Meditation: illusive….grounded…..practical…..impossible…mind chatter….*sigh*…….
I’m sure it’s not possible to count how many times we’ve really tried to sit still and pay attention. And of course we have driven or walked somewhere just to realize that we only recall a small portion of the journey. Likely we’ve all been mentally absent while washing dishes and “woke up” to realize our mind was quite busy walking up and down aisles of the grocery store, or re-hashing a conversation that did not go so well.
Laughable? Sometimes it is.
But what is it really, that phenomenon? It’s a simple lack of awareness in that moment of life. No saying if that’s good or bad, necessary or not, but that’s what it is.
The thing is, these moments can add up, string together, foster living more in the past or future than in the present….and, all the while….we really only have Now.
Meditation, with all its various approaches, is basically you being present. Awareness. It’s non-judgmental, experiential, focused, allowing, and has no explicit right or wrong way.
Being aware of what you are doing, thinking, how you are breathing, what you are touching at times throughout your busy day may seem just as impossible as inserting into it dedicated seated meditation time, let alone actually sitting still for 15 or 20 minutes.
Yet, what’s to be lost in not at least trying? Well, you might say, “I don’t have time,” “I’ll feel silly,” “I know I can’t do it,” or maybe “People are relying on me to accomplish all the different tasks I do each day.” The overarching conclusion is really that if you live in a blur or dwell more in the past or future, you already are losing time – actual moments of living. And we all do this.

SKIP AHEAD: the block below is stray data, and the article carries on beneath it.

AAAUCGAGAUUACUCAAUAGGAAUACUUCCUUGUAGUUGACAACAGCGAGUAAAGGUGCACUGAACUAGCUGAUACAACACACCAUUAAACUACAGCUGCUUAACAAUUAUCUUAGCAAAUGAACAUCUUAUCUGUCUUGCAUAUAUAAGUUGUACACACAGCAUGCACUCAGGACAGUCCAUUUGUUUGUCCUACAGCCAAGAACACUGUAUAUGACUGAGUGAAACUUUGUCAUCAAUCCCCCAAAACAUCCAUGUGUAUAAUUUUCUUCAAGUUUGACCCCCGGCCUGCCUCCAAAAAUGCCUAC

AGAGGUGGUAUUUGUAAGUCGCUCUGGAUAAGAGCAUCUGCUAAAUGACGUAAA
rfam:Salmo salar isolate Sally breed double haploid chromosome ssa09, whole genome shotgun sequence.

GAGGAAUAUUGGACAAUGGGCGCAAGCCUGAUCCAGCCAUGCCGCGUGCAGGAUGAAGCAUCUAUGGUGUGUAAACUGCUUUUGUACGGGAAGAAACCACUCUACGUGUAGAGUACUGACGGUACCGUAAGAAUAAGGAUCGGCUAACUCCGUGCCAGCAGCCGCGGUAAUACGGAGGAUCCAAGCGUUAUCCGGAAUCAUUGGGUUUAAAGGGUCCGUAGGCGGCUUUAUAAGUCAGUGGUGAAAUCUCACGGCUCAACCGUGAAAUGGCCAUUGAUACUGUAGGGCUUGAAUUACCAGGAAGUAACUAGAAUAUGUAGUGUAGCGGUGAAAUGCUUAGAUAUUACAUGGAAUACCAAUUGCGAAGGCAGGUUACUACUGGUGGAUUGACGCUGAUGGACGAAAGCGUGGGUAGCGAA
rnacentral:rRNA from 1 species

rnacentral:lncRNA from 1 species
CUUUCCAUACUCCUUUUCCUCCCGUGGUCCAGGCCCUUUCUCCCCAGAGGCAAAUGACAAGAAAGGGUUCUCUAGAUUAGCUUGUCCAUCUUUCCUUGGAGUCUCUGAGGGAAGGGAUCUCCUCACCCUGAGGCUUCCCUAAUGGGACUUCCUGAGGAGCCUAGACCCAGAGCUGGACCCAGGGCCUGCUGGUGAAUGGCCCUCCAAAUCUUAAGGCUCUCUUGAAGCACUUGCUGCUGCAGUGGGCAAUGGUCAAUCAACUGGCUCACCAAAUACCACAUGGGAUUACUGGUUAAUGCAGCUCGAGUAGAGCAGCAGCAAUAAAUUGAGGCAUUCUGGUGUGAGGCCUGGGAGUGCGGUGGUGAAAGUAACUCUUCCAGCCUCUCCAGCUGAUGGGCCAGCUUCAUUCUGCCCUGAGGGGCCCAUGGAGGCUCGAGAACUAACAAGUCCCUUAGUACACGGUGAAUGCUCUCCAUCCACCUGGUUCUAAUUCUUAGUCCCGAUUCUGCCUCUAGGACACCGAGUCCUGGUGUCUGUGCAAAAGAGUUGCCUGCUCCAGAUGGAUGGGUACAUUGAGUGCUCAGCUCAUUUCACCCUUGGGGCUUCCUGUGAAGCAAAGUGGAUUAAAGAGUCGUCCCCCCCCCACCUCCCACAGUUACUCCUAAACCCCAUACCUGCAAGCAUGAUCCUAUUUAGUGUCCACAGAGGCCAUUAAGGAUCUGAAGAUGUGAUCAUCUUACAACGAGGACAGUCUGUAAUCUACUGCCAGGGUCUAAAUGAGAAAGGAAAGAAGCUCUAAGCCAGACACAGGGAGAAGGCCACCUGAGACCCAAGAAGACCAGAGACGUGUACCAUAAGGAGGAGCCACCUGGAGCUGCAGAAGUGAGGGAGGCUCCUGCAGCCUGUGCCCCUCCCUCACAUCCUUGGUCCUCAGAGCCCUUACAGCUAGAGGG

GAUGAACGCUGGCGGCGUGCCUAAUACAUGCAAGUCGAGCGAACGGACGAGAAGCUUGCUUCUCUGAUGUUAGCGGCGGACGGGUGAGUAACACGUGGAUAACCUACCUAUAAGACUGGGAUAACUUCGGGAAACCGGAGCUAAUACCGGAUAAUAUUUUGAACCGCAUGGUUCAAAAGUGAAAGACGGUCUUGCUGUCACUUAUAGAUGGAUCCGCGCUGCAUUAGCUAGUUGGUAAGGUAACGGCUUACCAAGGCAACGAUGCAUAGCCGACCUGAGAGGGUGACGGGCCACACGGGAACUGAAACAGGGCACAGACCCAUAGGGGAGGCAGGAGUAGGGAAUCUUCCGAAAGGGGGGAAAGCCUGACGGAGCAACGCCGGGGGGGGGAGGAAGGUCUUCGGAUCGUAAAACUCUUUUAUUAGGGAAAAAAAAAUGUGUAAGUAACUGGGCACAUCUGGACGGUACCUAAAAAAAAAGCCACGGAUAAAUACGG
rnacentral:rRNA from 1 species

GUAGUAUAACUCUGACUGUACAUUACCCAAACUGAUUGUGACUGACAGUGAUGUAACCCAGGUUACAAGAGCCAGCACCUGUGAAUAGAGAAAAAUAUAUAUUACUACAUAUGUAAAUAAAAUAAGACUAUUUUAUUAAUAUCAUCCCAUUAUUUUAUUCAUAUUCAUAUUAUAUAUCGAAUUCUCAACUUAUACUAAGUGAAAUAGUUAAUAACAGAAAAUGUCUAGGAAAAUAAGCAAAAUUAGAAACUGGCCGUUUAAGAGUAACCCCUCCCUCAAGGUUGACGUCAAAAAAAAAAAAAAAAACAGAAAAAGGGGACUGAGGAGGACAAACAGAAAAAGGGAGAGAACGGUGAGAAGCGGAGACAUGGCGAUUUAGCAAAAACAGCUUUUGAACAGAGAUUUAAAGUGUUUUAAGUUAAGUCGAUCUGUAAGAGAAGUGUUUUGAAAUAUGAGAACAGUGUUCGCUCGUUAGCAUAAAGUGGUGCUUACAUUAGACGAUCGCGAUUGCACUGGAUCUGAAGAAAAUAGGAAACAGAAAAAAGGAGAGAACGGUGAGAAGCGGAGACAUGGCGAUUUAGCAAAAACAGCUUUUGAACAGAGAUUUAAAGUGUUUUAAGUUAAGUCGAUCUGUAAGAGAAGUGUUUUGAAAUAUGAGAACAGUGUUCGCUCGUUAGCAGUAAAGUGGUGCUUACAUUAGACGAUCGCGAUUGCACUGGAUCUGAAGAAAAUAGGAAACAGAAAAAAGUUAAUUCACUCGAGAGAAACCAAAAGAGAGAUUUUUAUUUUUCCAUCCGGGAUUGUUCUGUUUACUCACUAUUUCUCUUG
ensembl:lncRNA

Awareness brings us back to our precious self. We have all accomplished this aspect of meditation successfully. Really.
For this moment, re-live a time when you were stunningly present. Were you reading a book intently? Savoring a favorite meal? Skiing down a pristine slope, breathing in the cold, feeling your skis settle momentarily deeper into the snow with each new turn down the mountain?
Those momentary jewels….wouldn’t you like more of them? Or how about having more of those quiet, unlooked for moments of creative insight? Or maybe you’d like to increase times of greater clarity in solving a problem or making a good decision? I sure would.
All of these are reasons I’ve welcomed meditation into my life, my life-style.
In addition to experiential ways of knowing, scientific research with meditators is illuminating some very interesting positive results. It is strongly looking like meditation helps to alleviate stress responses, lower blood pressure, physically increase brain matter in areas that correlate with self-awareness, and change brain waves to a more relaxed